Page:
In the beginning (of gestation, that is) a newly baked cluster of embryonic stem cells started dividing and redividing to populate the future fetus with all of the cells and tissues it would need to become a full-fledged human baby.
Besides the no-no notion of cloning whole people, these embryonic stem cells have the pluripotent potential to produce on demand the myriad body parts for repairing or replacing the cells, tissues or complete organs that ailing adults may need. That therapeutic cloning ploy has engendered much political uneasiness, because in the White House and on Capitol Hill, the concept of cultivating embryonic stem cells seems to impinge on the forbidden zone of reproductive cloning.
Not to worry. Riding to the rescue from this worrisome prospect came the adult human stem cells. They’re a step or two down the developmental ladder from the embryonic stem cells, but apparently can be coaxed into behaving like those progenitors for therapeutic purposes.
Now it’s worry time again.
Two adjacent articles in the March 13, 2002, issue of Nature suggest that optimistic reports of alleged versatility in human adult stem cell differentiation may be exaggerated or plain off base. Both papers imply that the same cell-fusion mechanism explains the multicell progeny, instead of the more visionary cloning machinery.
One article is titled: “Bone marrow cells adopt the phenotype of other cells by spontaneous cell fusion.” Its senior author is molecular geneticist Edward Scott, who directs the University of Florida’s Stem Cell Program in Gainesville.
The other manuscript bears the heading: “Changing potency by spontaneous fusion.” Its senior author is geneticist Austin Smith at the Center for Genomic Research at the University of Edinburgh in Scotland. Both authors follow closely parallel approaches in making the same perhaps deflationary point.
“Recent reports have suggested that mammalian cells residing in one tissue,” Smith said, “may have the capacity to produce differentiated cell types for other tissues and organs. Here we define a mechanism by which progenitor cells of the central nervous system can give rise to non-neural derivatives. Cells taken from mouse brain,” he continued, “were co-cultured with pluripotent embryonic stem cells. The altered phenotype does not arise by direct conversion of brain to embryonic stem cell, but rather through spontaneous generation of hybrid cells. We propose that [this] could underlie many observations otherwise attributed to an intrinsic plasticity of tissue stem cells.”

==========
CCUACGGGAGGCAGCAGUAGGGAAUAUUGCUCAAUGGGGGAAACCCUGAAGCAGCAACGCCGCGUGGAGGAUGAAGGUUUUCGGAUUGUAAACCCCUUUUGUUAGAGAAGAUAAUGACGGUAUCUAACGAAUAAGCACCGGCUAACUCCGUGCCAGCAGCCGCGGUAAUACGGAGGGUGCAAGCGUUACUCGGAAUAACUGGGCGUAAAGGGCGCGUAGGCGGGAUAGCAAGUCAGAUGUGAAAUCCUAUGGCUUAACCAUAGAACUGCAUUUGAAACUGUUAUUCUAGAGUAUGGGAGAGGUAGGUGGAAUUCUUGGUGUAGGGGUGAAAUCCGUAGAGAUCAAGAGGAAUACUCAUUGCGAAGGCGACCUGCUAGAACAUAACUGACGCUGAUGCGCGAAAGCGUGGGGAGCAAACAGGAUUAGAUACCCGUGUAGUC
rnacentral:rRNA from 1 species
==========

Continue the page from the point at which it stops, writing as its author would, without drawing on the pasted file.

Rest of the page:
“Essentially, what we’ve shown,” Scott told BioWorld Today, “is that under in vitro culture conditions, adult hematopoietic [blood-forming] stem cells or their progeny grown under conditions in which stem cells will start to differentiate can fuse to other cell types. But what’s shown in the paper is fusion to embryonic stem cells, and deeming they’re phenotypes. What we are suggesting from this is that we just need to be more careful when we try to interpret transplantation data. Either have two markers so you can definitely tell donor from recipient, or do it in such a way that you go back and actually check the chromosome number whether or not you’re looking at a tetraploid cell [with four chromosomes].”
Don’t Dismiss Adult Cells; Handle With Care
Scott does not think these two papers pull the rug out from under adult stem cell prospects. “I think it’s a cautionary tale not just for adult stem cells but for all stem cells,” he observed. “In both of our papers, the primary cells that are fusing are embryonic stem cells. So I don’t think adult stem cells will no longer be useful, but before we make some of the large interpretations of transdifferentiation into other cell types, we just need to do a few extra controls.
“I still thoroughly believe that most of the transdifferentiation information is correct,” Scott went on, “particularly when you have robust transdifferentiation, like in the case of the liver. It’s where you have a situation where there’s a few cells here and there that are carrying only one marker of donor origin that you might need to be careful. One of the things that has caught me a little by surprise,” he added, “was the spin that’s being put on both of our papers that this is a major blow to adult stem cells, and therefore we need to expand the embryonic stem cell world. That’s perhaps pushing our data further than we should.”
Scott’s first author, Naohiro Terada, pointed out, “If confirmed by animal studies, the findings could be a reality check for those hoping to use adult stem cells clinically. Fused cells carry double the normal amount of DNA, and may be unhealthy. It might be a precautionary tale for stem cell research.”
Halting ES Research Not Scientific’
Commenting on the implications of his own work, Smith noted, “This suggests a need for caution with regard to the therapeutic use of adult tissue stem cells. If they only make other tissues by fusing with existing cells rather than producing new cells, their utility for tissue repair and regenerative medicine will be greatly restricted. While there is justifiably a great deal of interest in the broader applicability of adult stem cells, our findings illustrate that we are currently very ignorant of their biology. If nothing else,” he concluded,” our study indicates that calls for a halt to embryonic stem cell research are not scientifically justified, and confirms the far-sightedness of the United Kingdom legislature in approving embryonic stem cell derivation and research.”